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The Sagebrush Sea

Sagebrush Country

Sagebrush Country

Most of my time on the eastside, I was camped on the edge of the sagebrush sea that stretches from the Sierras across the Great Basin to Utah. It was a good opportunity to get to know that plant community. I’ve seen it and driven through it and even planted the namesake plant, Big Sage aka Great Basin Sage (Artemisia tridentata), in several gardens including my own, but I hadn’t really camped or hiked or spent an extended amount of time in it. It’s an interesting plantscape. Flat for the most part, with almost no trees, and the soil is loose and sandy and not for any plant that needs to be well fed or water-fat. The sun is strong, even though the actual temperatures stayed moderate because of the altitude, and there was almost always wind, especially in the evenings because I was at the base of a mountain. There were monsoon rains a lot of the time I was out there, storm clouds building during the afternoon and then briefly dropping rain somewhere on the landscape, frequently with a double or triple rainbow somewhere. Rains were still T-shirt weather, and the high desert smelled amazing afterwards. Sagebrush is one of those smells that evokes an entire landscape.

Snowberry, Bitterbrush, Sagebrush

Snowberry, Bitterbrush, Sagebrush

Most of what you see of the sagebrush in the photo is actually its bloom stalks. Sagebrush is wind-pollinated, so it doesn’t need a big, showy flower and it doesn’t care about attracting pollinators. The foliage is beautiful enough to make up for the lack of flowers, though. We made a tea with it one night and seasoned potatoes with it on another, and it smells nice in campfires or as smudge sticks. I usually think of silver foliage as an accent or contrast for green foliage, but silver is the dominant color in sage country and it is the greens that act as compliments.

Blazing Star, Mentzelia

Blazing Star, Mentzelia

A few other plants — Blazing Star, Prickly Poppy, and Sulfur Buckwheat — provided the showy flowers. The spiny, weedy foliage of the blazing stars and prickly poppies would probably keep them out of most gardens, but their flowers are fantastic.

Blazing Star, Mentzelia

Blazing Star, Mentzelia

Prickly Poppy, Argemone

Prickly Poppy, Argemone

Prickly Poppy, Argemone

Prickly Poppy, Argemone

Sulfur Buckwheat, Eriogonum

Sulfur Buckwheat, Eriogonum umbellatum

Sage at Convict Lake

Sage at Convict Lake

“The Sagebrush Sea (scientifically known as “sagebrush steppe”) covers approximately 110 million acres of the American West, making it one of the most extensive landscapes in North America. The heart of the Sagebrush Sea is shaped by the Columbia River Basin, the Great Basin, the Wyoming Basin and the Colorado Plateau.” More info, including details about conservation efforts and some cool maps, can be found at SagebrushSea.org.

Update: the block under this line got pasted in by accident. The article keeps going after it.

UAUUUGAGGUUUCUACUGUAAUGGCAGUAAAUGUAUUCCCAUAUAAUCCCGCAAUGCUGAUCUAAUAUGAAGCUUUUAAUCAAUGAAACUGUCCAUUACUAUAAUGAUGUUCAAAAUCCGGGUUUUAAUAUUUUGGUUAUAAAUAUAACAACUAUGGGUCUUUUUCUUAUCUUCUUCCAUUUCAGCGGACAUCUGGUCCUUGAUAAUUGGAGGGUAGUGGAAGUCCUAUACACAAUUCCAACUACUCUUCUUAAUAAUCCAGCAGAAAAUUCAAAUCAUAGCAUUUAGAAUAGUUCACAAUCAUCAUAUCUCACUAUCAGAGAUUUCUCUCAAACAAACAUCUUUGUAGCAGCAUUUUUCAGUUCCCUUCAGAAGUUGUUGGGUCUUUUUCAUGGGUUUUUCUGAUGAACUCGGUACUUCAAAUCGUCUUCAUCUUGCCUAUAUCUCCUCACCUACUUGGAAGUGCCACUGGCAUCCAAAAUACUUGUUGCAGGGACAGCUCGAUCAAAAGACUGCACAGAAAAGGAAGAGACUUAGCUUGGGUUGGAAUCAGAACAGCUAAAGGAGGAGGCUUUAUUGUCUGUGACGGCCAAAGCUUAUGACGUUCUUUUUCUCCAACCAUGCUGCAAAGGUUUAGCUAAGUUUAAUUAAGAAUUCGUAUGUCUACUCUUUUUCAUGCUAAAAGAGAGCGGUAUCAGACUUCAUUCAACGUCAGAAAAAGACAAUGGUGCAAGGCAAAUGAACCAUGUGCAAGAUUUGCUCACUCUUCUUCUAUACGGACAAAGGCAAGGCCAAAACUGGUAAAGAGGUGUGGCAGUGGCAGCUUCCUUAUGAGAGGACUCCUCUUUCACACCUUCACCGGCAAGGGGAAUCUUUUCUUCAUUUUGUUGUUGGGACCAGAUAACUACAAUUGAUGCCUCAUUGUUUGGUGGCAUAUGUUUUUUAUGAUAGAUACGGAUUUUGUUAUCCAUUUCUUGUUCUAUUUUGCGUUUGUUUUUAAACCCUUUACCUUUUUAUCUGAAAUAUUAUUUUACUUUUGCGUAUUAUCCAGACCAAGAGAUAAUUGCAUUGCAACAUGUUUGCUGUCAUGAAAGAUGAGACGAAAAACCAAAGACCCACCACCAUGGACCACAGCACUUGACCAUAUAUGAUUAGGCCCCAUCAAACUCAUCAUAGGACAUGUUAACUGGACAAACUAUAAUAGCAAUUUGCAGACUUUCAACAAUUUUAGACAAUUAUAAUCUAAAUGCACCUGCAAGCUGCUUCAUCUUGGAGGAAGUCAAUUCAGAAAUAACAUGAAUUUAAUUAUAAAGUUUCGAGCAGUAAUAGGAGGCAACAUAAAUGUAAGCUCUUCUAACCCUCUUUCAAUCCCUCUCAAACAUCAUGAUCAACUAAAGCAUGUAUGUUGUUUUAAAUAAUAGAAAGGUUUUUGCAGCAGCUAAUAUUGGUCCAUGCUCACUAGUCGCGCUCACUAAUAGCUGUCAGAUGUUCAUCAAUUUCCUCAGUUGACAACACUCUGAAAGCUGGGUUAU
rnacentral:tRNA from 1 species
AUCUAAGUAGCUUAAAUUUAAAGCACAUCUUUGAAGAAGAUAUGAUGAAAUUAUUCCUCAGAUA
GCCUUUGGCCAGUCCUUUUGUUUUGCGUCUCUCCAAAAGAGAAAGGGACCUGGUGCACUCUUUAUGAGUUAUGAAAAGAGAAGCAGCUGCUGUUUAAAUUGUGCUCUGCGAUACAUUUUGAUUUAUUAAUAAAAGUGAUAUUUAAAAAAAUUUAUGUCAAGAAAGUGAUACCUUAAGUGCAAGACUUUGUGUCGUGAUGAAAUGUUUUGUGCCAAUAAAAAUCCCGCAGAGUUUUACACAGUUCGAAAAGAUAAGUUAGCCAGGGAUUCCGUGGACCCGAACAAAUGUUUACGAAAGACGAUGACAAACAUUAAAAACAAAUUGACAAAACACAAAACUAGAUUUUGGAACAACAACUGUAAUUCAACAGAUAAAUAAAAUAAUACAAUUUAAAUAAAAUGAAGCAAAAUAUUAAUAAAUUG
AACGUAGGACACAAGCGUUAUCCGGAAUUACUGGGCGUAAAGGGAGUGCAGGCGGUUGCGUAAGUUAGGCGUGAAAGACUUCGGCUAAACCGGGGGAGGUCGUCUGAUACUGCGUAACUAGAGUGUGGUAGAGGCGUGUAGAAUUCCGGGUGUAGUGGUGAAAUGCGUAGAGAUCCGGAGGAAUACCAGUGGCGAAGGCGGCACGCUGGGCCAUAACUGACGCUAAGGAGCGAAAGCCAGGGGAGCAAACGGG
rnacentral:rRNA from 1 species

Sagebrush Sea, from SagebrushSea.org

Sagebrush Sea, from SagebrushSea.org

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7 Responses to “The Sagebrush Sea”

  1. September 19th, 2009 at 3:17 pm

    Jennifer AKA Keewee says:

    I have visited desert countryside like that, and found the plant, animal and insect life to be very interesting.There is also beauty in the landscape, especially as the sun moves across the sky,and the shadows on the ground change from hour to hour.

  2. September 19th, 2009 at 3:58 pm

    ryan says:

    You’re right. And I forgot to mention the sunrises and sunsets. We got some amazing ones.

  3. September 20th, 2009 at 2:52 pm

    Brad B says:

    I just flew across it on my way back from new york and was wondering if all those dots were sage. I guess you’ve answered my question.

  4. September 20th, 2009 at 6:00 pm

    ryan says:

    Glad to be of assistance.

  5. September 23rd, 2009 at 10:04 pm

    Gayle Madwin says:

    This is the first I’ve heard about blazing stars being spiny. I’ve read everything I could find on the Internet about them, but I’ve never seen one in person. Could you elaborate on the spininess? Where are the spines located? Are they present year-round?

  6. September 24th, 2009 at 8:17 am

    ryan says:

    The leaves are sawtoothed and pokey. I don’t know that they actually hurt to work around, the way some plants like Berberis do, but the leaves have that “don’t touch me” look. Prickly poppy is the more spiny one of the two.

  7. September 24th, 2009 at 7:29 pm

    lostlandscape(James) says:

    Your Convict Lake photo is amazing. The sage mixed with the bright green and gray-green shrubs is a great effect–and the backdrop doesn’t hurt! I’ve planted A. californica, mostly because it’s more local to these parts. But I think the Great Basin version is a lot more striking in the garden.